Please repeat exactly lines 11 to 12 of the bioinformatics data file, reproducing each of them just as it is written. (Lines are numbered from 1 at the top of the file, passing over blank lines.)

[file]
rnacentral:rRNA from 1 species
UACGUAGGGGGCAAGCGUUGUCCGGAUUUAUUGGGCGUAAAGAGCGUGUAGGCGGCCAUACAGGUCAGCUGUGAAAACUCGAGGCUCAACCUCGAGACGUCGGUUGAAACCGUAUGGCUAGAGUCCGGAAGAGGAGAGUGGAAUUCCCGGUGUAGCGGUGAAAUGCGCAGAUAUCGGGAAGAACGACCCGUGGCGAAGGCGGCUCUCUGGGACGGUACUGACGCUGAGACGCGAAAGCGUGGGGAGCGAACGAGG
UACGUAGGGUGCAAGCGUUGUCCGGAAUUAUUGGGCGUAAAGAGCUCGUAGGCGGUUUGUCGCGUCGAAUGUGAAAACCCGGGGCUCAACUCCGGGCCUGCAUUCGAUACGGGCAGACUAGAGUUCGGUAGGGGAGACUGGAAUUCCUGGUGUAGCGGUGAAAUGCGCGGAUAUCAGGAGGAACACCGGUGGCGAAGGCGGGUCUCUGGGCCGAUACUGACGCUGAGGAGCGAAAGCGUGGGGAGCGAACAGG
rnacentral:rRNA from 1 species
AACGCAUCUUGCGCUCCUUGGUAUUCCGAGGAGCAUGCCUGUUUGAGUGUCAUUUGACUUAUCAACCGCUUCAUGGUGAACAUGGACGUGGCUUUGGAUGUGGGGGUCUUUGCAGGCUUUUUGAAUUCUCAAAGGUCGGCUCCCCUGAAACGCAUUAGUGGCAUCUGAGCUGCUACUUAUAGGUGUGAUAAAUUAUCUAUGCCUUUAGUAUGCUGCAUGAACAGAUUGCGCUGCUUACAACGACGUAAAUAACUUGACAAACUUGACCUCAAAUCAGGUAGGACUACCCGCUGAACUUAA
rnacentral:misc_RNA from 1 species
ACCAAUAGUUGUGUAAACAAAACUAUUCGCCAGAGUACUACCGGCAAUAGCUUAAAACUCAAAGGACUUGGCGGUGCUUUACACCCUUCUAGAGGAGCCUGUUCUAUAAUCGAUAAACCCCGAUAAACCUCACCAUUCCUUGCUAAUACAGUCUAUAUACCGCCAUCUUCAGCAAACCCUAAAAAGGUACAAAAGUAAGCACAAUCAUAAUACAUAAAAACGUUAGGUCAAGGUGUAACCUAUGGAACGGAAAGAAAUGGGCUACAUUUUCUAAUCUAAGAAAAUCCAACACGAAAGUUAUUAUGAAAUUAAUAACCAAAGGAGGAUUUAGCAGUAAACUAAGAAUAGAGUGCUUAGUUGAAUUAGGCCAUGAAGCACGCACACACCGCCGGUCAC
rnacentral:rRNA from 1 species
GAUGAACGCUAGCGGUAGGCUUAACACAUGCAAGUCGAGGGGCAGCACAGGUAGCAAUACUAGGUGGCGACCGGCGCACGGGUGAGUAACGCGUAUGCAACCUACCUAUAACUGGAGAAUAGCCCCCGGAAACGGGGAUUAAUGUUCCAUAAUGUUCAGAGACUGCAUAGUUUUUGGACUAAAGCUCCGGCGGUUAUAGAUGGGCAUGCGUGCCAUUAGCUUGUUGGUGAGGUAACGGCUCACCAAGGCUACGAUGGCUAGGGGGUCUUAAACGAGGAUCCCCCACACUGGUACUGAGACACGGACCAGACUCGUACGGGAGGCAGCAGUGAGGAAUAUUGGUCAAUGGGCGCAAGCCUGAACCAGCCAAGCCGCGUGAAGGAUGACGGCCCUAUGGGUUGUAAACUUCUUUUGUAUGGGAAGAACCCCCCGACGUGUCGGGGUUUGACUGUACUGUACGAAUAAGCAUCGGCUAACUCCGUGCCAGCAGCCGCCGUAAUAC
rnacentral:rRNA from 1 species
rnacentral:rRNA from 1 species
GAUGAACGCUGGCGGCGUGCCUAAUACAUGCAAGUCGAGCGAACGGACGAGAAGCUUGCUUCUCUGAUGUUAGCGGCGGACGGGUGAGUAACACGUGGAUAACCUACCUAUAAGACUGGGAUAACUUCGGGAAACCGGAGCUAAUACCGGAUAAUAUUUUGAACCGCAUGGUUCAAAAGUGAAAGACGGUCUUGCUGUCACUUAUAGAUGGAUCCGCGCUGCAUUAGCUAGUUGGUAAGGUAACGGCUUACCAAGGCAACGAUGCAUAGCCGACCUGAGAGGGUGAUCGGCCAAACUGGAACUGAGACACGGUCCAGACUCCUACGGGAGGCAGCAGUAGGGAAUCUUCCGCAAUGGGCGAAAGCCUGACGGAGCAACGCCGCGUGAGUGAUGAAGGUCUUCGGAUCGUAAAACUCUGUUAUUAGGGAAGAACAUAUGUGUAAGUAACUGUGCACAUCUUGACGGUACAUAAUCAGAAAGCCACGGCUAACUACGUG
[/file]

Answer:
rnacentral:rRNA from 1 species
GAUGAACGCUGGCGGCGUGCCUAAUACAUGCAAGUCGAGCGAACGGACGAGAAGCUUGCUUCUCUGAUGUUAGCGGCGGACGGGUGAGUAACACGUGGAUAACCUACCUAUAAGACUGGGAUAACUUCGGGAAACCGGAGCUAAUACCGGAUAAUAUUUUGAACCGCAUGGUUCAAAAGUGAAAGACGGUCUUGCUGUCACUUAUAGAUGGAUCCGCGCUGCAUUAGCUAGUUGGUAAGGUAACGGCUUACCAAGGCAACGAUGCAUAGCCGACCUGAGAGGGUGAUCGGCCAAACUGGAACUGAGACACGGUCCAGACUCCUACGGGAGGCAGCAGUAGGGAAUCUUCCGCAAUGGGCGAAAGCCUGACGGAGCAACGCCGCGUGAGUGAUGAAGGUCUUCGGAUCGUAAAACUCUGUUAUUAGGGAAGAACAUAUGUGUAAGUAACUGUGCACAUCUUGACGGUACAUAAUCAGAAAGCCACGGCUAACUACGUG